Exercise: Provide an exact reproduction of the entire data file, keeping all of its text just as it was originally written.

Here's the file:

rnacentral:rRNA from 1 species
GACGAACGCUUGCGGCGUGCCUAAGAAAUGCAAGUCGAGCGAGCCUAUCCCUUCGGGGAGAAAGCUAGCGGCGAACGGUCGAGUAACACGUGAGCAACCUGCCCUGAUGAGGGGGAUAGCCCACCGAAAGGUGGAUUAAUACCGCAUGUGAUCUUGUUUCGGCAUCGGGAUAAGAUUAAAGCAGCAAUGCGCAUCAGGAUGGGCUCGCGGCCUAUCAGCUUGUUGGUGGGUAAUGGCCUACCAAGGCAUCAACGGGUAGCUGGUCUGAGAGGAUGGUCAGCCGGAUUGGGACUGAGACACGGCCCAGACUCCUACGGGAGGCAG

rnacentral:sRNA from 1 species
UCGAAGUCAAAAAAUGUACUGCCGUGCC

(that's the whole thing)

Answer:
rnacentral:rRNA from 1 species
GACGAACGCUUGCGGCGUGCCUAAGAAAUGCAAGUCGAGCGAGCCUAUCCCUUCGGGGAGAAAGCUAGCGGCGAACGGUCGAGUAACACGUGAGCAACCUGCCCUGAUGAGGGGGAUAGCCCACCGAAAGGUGGAUUAAUACCGCAUGUGAUCUUGUUUCGGCAUCGGGAUAAGAUUAAAGCAGCAAUGCGCAUCAGGAUGGGCUCGCGGCCUAUCAGCUUGUUGGUGGGUAAUGGCCUACCAAGGCAUCAACGGGUAGCUGGUCUGAGAGGAUGGUCAGCCGGAUUGGGACUGAGACACGGCCCAGACUCCUACGGGAGGCAG

rnacentral:sRNA from 1 species
UCGAAGUCAAAAAAUGUACUGCCGUGCC